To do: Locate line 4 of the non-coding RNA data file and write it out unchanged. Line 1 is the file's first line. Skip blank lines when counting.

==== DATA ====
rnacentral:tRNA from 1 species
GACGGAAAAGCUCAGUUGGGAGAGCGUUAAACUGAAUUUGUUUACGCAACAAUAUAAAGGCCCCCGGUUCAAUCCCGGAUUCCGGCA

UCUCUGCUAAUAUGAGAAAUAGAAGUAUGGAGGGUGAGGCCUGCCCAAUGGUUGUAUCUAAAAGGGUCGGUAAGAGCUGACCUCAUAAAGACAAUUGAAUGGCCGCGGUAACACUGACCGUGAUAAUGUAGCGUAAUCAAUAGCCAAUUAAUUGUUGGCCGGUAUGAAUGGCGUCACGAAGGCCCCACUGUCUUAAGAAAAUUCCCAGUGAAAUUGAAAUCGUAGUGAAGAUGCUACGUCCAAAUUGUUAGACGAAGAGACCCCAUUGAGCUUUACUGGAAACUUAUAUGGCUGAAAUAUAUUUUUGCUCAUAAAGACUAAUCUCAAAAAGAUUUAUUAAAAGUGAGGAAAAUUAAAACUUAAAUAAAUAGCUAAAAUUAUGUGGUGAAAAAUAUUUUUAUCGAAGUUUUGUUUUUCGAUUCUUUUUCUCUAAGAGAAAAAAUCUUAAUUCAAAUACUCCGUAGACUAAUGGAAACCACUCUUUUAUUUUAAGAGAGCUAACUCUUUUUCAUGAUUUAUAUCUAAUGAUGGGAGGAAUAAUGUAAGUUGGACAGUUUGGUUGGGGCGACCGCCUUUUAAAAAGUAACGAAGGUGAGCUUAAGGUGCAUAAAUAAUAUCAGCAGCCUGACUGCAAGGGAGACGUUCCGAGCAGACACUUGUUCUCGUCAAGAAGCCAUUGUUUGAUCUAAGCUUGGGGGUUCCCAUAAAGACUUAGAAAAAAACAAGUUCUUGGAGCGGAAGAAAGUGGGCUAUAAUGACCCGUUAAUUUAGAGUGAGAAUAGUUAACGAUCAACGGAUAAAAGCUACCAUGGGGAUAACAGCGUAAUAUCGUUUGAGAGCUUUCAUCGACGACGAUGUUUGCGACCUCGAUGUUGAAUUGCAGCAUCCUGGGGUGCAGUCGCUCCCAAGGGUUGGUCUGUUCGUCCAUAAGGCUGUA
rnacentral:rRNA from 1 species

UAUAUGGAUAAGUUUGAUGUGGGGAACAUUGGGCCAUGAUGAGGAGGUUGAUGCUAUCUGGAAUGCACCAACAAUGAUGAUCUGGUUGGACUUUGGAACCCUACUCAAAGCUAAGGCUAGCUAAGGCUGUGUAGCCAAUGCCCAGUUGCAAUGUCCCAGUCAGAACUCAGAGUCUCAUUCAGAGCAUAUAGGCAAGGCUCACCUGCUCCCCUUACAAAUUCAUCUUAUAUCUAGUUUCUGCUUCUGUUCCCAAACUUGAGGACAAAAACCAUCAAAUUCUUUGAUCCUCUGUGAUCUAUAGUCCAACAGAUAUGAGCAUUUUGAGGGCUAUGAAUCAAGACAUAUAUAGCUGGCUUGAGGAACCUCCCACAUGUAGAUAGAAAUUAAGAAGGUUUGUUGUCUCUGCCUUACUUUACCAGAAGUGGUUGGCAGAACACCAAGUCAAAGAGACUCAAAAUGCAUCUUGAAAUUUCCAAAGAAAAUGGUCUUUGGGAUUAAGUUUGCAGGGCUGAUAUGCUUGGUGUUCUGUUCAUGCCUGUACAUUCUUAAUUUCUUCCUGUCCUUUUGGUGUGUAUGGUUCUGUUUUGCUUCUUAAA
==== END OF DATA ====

rnacentral:rRNA from 1 species